The goal should be to end up on the positive side. Much of this exists because individuals choose to stay on the undesirable side of the inequality. They actually choose to stay there. Everyone’s situation is an accumulation of their choices. When they discover what it takes to be successful, they simply make the decision that they don’t want to go through the struggle to be successful. They are looking for the easy path, or a path that doesn’t require them to accept the responsibility and commitments required of the success.
There is the argument that many people are born into a situation where their choices are limited, the environment is filled with lack of opportunity, they don’t have mentors, etc. I agree, many people are born into situations where getting out seems almost impossible. Many people are born into situations with great parents, great environment, and it seems as though they are set up for success. These are great arguments for the extreme of each side; those with no hope, and those with a silver-spoon. However, we have seen many successful people who were born into the most challenging situations and succeed. We have also seen those born into a situation where success came easy, but they end up in jail.
Let’s not let the extremes of this topic get us off track. The principals we are examining are true for the majority of the US population.
You see this every day. First, you post a job for salespeople, and 20 people apply. Then, you send them an email asking them to take an assessment as part of your selection process. You never hear from 10 of the 20. 10 complete the assessment. 2 of these 10 tried to fake it. Of the remaining 8, only 1 comes close to having the right personality traits for the job. You interview this person, and they have the right personality traits, but they do not pass the section of the interview questions related to work ethic. Now, you have to go find 20 more. This is just the reality of the culture in which we live today.
In my 37 years of sales, sales management, and consulting for hiring salespeople, it has been my experience that sales is one of the most difficult jobs in America. Especially, if the product is complex and sold in a very competitive environment.
It takes a special type of person with the right combination of personality, intelligence, character, attitudes and motivations to be a highly successful salesperson.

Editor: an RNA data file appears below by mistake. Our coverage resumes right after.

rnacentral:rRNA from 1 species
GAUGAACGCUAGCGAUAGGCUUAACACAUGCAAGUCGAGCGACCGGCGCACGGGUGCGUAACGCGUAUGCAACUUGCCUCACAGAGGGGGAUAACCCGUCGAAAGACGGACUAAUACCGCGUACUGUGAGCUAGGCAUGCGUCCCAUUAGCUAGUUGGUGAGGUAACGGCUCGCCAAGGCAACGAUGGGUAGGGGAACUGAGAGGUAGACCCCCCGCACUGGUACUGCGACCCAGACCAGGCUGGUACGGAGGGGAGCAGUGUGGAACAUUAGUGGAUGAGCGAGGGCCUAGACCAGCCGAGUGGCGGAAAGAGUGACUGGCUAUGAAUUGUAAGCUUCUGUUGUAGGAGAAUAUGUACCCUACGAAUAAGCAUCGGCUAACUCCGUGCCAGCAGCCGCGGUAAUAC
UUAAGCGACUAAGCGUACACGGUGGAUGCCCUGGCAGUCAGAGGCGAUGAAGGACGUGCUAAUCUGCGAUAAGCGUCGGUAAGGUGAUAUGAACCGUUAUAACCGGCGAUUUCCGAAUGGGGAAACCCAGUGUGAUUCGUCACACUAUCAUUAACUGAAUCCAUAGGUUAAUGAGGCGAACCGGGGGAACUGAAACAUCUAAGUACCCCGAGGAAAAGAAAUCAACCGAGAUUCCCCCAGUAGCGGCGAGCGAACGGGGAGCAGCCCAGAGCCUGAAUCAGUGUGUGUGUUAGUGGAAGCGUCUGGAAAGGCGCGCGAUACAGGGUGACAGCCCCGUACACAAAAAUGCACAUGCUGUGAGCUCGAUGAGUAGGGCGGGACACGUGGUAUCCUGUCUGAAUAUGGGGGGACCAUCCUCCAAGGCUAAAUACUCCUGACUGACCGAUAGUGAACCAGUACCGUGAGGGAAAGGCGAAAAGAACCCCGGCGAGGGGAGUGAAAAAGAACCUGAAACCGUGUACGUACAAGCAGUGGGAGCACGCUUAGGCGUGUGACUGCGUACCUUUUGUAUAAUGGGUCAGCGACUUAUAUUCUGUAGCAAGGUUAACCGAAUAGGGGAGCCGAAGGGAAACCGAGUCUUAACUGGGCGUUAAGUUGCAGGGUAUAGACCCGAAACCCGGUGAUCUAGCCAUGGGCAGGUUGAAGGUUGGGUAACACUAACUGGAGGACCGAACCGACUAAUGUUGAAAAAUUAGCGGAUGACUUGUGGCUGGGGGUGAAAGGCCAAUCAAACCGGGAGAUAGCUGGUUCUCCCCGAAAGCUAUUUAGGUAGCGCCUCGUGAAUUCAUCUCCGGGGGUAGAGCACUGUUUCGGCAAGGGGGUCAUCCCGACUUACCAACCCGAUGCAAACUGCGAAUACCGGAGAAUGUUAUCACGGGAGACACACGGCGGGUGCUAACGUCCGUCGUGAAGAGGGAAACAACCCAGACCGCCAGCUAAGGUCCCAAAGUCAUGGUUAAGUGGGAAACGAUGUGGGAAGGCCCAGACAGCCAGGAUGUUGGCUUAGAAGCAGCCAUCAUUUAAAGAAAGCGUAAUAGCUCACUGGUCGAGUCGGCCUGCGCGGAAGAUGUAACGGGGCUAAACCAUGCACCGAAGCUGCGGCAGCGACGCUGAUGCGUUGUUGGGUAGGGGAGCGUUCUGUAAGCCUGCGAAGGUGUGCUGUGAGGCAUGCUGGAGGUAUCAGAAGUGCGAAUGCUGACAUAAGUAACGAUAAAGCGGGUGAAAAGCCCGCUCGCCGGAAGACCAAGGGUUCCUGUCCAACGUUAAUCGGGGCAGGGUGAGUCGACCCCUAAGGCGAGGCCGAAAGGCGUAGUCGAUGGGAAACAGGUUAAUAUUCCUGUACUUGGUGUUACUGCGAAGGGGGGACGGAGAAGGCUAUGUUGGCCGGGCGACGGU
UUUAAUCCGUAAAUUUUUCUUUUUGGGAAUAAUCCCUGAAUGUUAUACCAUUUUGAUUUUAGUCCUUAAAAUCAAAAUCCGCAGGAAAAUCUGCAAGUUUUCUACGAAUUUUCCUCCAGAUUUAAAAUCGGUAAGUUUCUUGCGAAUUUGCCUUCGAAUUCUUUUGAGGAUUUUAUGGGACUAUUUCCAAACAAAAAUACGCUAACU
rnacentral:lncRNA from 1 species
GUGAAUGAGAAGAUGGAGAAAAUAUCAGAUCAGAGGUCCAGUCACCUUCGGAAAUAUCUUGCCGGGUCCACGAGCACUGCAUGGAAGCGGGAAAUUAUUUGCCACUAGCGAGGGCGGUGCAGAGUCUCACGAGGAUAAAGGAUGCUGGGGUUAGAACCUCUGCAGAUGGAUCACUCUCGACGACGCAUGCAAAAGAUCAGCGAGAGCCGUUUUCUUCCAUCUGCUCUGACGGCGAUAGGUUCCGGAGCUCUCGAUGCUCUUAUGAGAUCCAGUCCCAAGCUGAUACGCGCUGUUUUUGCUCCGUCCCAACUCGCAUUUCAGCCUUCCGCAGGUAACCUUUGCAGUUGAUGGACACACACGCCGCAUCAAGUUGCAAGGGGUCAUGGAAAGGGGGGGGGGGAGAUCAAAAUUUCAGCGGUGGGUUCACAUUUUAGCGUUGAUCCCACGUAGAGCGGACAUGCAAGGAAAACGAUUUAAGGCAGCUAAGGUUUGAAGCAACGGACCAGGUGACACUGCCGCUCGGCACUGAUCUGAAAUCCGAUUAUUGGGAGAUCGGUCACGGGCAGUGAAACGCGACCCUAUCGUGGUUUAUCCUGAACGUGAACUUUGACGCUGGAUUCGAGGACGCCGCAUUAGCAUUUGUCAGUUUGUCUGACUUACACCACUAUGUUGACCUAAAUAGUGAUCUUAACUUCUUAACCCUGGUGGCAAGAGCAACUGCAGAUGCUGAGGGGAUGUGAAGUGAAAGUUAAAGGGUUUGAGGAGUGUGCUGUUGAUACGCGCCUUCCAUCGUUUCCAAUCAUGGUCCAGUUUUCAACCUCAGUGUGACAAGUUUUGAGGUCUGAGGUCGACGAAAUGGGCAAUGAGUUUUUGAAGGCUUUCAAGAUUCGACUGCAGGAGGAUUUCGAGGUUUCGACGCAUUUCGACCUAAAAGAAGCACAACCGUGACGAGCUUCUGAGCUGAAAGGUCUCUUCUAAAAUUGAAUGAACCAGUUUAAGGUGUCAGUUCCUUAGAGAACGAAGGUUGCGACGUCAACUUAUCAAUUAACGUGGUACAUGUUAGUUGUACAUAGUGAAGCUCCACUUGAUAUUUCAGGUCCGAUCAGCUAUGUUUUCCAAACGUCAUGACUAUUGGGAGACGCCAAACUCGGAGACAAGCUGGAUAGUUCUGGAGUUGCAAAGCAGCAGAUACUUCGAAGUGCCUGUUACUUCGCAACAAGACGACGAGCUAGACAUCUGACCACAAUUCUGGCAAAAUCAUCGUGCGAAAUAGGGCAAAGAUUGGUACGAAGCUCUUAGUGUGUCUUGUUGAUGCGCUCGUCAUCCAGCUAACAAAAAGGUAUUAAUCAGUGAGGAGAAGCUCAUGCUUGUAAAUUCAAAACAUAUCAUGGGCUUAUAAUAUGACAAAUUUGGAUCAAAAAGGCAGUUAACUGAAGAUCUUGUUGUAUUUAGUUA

Just as nature has not produced a large number of great athletes, composers of music, successful scientists, dominating animals, successful business people, and authors; nature has not produced a very large number of people who can succeed in the very challenging job of sales.
Now that we know that one of the main reasons that it is so hard to find great salespeople is due to the natural law of unequal distribution, and that there is little that we can do to change this law, what are some strategies that we can deploy, so that we can be on the successful end of the unequal distribution phenomenon?
Consider these strategies:
- Adopt the frame of mind that you are looking for the best-of-the-best, and you will not settle for the low producing, time wasting, money draining low producer. When you are tired of searching, interviewing, and trying to find a pearl in a mud pile of weak resumes, don’t give in to lowering your standards and choosing someone just because they are the best candidate. The pick-of-the-litter doesn’t always mean you are choosing the best. Compare every candidate against a great candidate, not the best of your top 3 candidates.
- Learn and put into practice a recruiting system that will help you quickly screen out low producers, so that you can spend more time searching for the high producers. A great system helps you collect information regarding each candidate. Use this information along with your intuition to make a decision.
- In addition to sourcing for candidates using online job boards, develop and deploy a proactive searching effort to get into your community to develop relationships with other successful, well-connected people who can introduce you to great candidates.
- Become a master at using LinkedIn as a tool to find successful individuals who would be attracted to the opportunity of you mentoring them to eventually own their own agency or business.
- Master the use of other social media sites to market your opportunity and find candidates.
- Update your social media presence, so that when candidates research you and your company, they are impressed and attracted to working for you.
- Create job posting wording that attracts successful salespeople and repels weaker candidates.
These suggestions are not easy. Easy doesn’t pay much. Looking for the easy candidate brings you a large number of resumes of low education, no skills, un-employables who are simply looking for an easy job.
People who look for easy end up on the lower, most undesirable end of the law of unequal distribution. The unusually successful path is hard, so put in the work and effort to deploy the above strategies.
Thank you for joining me. Feel free to reach out to me with questions and comments. If you want more information regarding the resources to deploy the above strategies, email me at firstname.lastname@example.org. Go make it a great day.